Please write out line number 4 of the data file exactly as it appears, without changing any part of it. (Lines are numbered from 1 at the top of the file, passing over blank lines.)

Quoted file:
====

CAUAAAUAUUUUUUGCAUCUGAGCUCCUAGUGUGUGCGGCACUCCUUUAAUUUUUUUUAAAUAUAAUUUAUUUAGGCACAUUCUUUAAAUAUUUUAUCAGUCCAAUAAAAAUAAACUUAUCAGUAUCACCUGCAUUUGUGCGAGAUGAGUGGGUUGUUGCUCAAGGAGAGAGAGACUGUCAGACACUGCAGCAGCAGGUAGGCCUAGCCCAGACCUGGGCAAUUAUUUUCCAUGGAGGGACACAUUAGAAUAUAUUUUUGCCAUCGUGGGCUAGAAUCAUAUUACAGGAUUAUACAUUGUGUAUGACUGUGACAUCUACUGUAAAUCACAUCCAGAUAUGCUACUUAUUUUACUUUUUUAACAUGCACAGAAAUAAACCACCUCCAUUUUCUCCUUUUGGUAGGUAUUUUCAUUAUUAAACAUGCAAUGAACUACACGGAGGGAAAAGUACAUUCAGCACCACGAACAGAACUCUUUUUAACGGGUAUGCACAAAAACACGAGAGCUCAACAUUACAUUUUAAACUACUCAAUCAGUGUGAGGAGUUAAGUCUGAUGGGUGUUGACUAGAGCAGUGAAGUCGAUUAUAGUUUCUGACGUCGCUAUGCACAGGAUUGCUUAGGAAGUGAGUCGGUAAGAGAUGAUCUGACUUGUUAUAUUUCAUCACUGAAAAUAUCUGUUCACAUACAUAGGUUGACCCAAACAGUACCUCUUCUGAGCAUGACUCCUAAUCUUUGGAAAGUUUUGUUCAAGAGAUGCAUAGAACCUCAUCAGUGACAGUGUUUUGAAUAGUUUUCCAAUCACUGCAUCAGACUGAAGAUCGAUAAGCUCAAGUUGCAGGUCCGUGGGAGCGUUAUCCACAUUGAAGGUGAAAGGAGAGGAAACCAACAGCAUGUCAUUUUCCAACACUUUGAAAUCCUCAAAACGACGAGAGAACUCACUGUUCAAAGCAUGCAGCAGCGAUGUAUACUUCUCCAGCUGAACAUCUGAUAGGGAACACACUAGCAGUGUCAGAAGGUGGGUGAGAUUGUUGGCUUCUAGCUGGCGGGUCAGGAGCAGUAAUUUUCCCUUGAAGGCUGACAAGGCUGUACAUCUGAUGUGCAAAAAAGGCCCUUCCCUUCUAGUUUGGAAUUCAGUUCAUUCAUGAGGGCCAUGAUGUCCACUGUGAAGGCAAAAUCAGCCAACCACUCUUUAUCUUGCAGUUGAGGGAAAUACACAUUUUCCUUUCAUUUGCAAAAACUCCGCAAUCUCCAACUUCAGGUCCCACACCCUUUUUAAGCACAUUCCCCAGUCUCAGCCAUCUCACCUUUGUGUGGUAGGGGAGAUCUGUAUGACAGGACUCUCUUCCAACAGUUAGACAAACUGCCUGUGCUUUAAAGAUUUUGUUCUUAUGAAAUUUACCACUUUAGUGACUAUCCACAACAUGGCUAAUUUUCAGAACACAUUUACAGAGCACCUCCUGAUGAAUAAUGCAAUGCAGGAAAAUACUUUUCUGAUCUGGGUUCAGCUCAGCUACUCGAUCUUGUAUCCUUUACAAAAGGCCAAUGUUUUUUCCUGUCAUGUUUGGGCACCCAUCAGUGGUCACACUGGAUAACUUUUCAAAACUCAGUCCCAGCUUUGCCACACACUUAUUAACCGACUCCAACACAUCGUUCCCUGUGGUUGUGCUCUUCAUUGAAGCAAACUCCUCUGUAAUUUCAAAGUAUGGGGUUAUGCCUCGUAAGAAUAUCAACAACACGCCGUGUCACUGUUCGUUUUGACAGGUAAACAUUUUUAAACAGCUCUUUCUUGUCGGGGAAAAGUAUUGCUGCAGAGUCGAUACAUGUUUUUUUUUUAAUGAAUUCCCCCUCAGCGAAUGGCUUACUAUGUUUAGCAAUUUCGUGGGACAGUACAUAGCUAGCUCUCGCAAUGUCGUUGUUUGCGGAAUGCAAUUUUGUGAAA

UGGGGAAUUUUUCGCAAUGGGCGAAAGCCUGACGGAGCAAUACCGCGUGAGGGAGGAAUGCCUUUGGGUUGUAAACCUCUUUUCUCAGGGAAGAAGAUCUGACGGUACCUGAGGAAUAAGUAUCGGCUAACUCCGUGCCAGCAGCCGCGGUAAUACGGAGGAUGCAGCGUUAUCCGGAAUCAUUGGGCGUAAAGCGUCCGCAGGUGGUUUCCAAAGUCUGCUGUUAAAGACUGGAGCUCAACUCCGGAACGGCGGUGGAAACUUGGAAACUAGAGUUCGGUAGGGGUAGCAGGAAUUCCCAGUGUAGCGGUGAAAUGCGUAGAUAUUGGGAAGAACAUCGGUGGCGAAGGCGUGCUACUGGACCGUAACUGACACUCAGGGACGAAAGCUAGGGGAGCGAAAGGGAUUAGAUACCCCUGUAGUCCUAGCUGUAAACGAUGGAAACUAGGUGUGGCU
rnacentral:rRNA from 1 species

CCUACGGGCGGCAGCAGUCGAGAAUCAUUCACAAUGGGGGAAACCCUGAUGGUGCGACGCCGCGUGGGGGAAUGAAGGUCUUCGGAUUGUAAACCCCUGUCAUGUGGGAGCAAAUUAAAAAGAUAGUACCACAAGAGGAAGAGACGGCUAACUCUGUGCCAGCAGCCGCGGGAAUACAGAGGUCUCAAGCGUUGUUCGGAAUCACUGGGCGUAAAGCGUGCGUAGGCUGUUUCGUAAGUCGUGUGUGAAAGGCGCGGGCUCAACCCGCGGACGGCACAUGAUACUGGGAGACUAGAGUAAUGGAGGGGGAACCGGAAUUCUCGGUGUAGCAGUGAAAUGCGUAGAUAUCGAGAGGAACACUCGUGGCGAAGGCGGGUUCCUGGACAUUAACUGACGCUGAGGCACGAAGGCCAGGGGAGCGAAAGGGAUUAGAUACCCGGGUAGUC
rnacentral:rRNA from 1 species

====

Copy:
CCUACGGGCGGCAGCAGUCGAGAAUCAUUCACAAUGGGGGAAACCCUGAUGGUGCGACGCCGCGUGGGGGAAUGAAGGUCUUCGGAUUGUAAACCCCUGUCAUGUGGGAGCAAAUUAAAAAGAUAGUACCACAAGAGGAAGAGACGGCUAACUCUGUGCCAGCAGCCGCGGGAAUACAGAGGUCUCAAGCGUUGUUCGGAAUCACUGGGCGUAAAGCGUGCGUAGGCUGUUUCGUAAGUCGUGUGUGAAAGGCGCGGGCUCAACCCGCGGACGGCACAUGAUACUGGGAGACUAGAGUAAUGGAGGGGGAACCGGAAUUCUCGGUGUAGCAGUGAAAUGCGUAGAUAUCGAGAGGAACACUCGUGGCGAAGGCGGGUUCCUGGACAUUAACUGACGCUGAGGCACGAAGGCCAGGGGAGCGAAAGGGAUUAGAUACCCGGGUAGUC